March 12th, 2019
For individuals 70 ½ or older, Qualified Charitable Distributions (QCD) can be an excellent way to donate to qualified organizations which may be close to the heart, while also enjoying the financial benefits made possible by supporting a charitable cause. Using QCDs is a way to give directly to a charity, from your IRA, while taking advantage of the many tax benefits available as a result.
Tax Advantages to Making QCDs
- Reduce your Required Minimum Distribution (RMD). The amount you choose to donate directly from your IRA to charity reduces your RMD, and in turn reduces your adjusted gross income (AGI). This helps you by reducing your taxable income and, therefore, your income tax bill.
- Even if you don’t itemize… As this amount is not included in income, it is not a charitable contribution if you itemize your deductions. However, as the Tax Cuts and Jobs Act of 2017 increased the standard deduction and significantly decreased the number of people who itemize their deductions, this is a way to continue to receive a tax benefit for charitable contributions, even if you do not itemize.
- Additional tax benefits of lowering your AGI. Certain calculations on your tax return are based on your AGI including future Medicare Premium Costs, the taxable portion of Social Security, and Net Investment Income Medicare surtax. As QCDs lower your AGI, you may have additional ways to save money.
Things to Keep in Mind
- Only individuals over age 70 ½ can make a QCD.
- The maximum annual amount that an individual aged 70 ½ or older can give via a QCD to a qualified charity is $100,000. If you file taxes jointly, your spouse can also make a QCD from his or her own IRA within the same tax year for up to $100,000, assuming they too are over 70 ½.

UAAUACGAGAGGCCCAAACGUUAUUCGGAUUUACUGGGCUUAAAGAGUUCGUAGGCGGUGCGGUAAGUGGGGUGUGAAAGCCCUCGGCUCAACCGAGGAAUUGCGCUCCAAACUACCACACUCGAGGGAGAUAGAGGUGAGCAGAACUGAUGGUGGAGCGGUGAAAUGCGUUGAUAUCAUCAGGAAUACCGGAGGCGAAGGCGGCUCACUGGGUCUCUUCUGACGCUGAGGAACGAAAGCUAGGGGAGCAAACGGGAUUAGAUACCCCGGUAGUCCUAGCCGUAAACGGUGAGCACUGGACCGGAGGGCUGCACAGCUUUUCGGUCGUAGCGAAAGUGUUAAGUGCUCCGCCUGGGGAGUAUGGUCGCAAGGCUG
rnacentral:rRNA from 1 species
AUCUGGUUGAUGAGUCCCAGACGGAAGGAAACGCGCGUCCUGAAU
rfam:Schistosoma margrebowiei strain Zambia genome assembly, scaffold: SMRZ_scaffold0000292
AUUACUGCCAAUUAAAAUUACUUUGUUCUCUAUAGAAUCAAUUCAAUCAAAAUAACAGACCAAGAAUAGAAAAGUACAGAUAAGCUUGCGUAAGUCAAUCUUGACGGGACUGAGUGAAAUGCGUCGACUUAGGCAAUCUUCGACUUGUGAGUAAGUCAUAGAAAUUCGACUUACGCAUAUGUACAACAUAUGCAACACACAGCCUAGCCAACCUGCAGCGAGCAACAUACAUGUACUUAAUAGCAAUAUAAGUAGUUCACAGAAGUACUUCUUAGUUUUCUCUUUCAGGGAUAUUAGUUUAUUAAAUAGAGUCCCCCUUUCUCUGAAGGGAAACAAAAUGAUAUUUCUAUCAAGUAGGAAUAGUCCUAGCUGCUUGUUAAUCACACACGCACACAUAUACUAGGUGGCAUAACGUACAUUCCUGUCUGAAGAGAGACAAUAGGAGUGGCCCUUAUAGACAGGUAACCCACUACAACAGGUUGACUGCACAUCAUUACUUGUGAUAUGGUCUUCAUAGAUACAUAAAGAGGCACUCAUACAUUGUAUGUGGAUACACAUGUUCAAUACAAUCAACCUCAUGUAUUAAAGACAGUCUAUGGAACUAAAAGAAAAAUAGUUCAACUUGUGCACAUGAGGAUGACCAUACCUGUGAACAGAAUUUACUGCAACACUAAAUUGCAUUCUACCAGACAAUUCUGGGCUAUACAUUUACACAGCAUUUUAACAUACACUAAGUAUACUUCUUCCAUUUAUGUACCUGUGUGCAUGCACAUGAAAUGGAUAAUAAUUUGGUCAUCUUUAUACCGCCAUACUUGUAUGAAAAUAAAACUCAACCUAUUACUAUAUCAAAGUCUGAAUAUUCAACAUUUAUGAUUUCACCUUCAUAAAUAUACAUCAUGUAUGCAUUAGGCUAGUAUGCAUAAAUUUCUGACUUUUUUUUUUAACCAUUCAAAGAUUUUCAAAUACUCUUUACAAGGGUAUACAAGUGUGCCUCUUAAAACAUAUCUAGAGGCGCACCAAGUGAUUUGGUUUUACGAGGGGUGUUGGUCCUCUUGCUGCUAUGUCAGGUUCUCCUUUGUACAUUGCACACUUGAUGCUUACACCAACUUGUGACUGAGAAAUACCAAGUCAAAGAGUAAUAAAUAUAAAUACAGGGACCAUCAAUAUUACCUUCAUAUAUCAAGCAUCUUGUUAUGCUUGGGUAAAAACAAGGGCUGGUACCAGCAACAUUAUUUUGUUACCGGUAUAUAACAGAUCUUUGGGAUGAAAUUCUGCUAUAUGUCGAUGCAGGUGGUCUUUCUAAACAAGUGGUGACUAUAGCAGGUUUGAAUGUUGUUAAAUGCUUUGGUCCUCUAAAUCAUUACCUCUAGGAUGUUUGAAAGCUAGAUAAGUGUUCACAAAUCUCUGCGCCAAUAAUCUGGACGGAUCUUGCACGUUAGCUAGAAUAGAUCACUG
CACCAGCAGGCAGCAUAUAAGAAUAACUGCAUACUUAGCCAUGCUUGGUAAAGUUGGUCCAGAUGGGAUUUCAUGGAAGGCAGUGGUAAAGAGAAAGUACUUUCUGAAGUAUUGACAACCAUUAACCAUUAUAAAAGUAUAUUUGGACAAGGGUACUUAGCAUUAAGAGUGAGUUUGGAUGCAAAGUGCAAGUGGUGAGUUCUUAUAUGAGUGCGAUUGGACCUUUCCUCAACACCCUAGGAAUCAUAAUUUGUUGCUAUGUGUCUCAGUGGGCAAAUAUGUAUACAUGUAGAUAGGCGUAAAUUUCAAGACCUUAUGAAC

- Charitable contributions can go to any number of charities, but they must be 501(c)(3) charitable organizations; private foundations and donor-advised funds do not qualify for QCDs.
- Funds must come out of your IRA by your RMD deadline for a QCD to count toward the current year’s minimum. Any amount donated above your RMD does not work toward meeting a future year’s requirements.
- Distributions must go directly to the charity. You provide instructions to your IRA custodian, including the name and address of the charity to you which you wish to donate.
- Be sure to keep records on how much of your IRA distribution was distributed to you (taxable) and how much was distributed directly to charity/charities (non-taxable), so that your tax preparer can correctly report the distribution on your tax return.
- QCDs may be taken from a variety of IRAs, however they may NOT be taken from an employer plan, such as a 401(k) or 403(b).
- QCDs apply only to taxable amounts. You may not transfer your nondeductible IRA contributions or after-tax rollover funds to charity as a QCD.
With so many excellent 501(c)(3) charitable organizations working to further a variety of causes ranging from veterans’ needs to global environmental issues, and everything in between, individuals over age 70 ½ have a multitude of choices available to them when making donations from their IRA. The tax benefits only add to the appeal of QCDs. At Frisch, we can help you understand if QCDs might be a good option for you.